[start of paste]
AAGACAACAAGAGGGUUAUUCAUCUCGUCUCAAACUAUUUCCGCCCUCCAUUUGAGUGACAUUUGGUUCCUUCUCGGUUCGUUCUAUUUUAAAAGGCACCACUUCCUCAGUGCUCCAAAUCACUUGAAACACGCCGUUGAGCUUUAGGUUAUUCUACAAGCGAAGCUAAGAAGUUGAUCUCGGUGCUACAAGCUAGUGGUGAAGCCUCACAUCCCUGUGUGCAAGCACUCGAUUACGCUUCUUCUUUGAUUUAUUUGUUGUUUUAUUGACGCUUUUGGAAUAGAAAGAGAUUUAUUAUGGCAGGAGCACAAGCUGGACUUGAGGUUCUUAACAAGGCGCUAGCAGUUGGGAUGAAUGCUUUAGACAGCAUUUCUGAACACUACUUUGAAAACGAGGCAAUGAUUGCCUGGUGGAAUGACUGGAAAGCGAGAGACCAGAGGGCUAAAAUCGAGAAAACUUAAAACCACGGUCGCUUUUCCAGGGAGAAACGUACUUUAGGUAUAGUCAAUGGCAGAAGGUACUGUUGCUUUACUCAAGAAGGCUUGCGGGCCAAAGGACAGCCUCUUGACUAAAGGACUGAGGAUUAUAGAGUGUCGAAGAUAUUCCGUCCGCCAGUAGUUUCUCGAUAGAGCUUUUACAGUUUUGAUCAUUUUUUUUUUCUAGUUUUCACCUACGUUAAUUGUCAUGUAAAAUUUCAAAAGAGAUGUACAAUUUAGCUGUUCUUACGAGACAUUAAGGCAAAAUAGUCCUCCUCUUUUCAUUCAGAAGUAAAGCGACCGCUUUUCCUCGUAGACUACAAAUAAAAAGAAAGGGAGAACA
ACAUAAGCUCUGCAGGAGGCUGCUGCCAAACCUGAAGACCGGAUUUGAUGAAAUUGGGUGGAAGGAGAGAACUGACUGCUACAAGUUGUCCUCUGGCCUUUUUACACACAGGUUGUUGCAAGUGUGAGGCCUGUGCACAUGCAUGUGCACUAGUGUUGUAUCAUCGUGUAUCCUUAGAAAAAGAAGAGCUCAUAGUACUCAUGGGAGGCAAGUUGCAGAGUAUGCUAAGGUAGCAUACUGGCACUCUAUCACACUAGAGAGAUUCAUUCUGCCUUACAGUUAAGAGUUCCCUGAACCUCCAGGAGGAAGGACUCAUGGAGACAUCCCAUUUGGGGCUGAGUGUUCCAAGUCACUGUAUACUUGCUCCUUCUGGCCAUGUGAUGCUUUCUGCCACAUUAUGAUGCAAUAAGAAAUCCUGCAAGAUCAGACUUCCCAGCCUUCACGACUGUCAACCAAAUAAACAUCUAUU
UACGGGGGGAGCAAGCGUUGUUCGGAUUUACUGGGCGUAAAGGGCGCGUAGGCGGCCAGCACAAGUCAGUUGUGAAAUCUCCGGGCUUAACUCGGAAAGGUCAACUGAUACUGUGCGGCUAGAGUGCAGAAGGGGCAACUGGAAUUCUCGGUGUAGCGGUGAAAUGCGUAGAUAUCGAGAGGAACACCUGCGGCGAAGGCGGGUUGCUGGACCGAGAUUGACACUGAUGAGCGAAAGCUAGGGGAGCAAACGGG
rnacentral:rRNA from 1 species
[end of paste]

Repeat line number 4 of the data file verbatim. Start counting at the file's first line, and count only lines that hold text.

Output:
rnacentral:rRNA from 1 species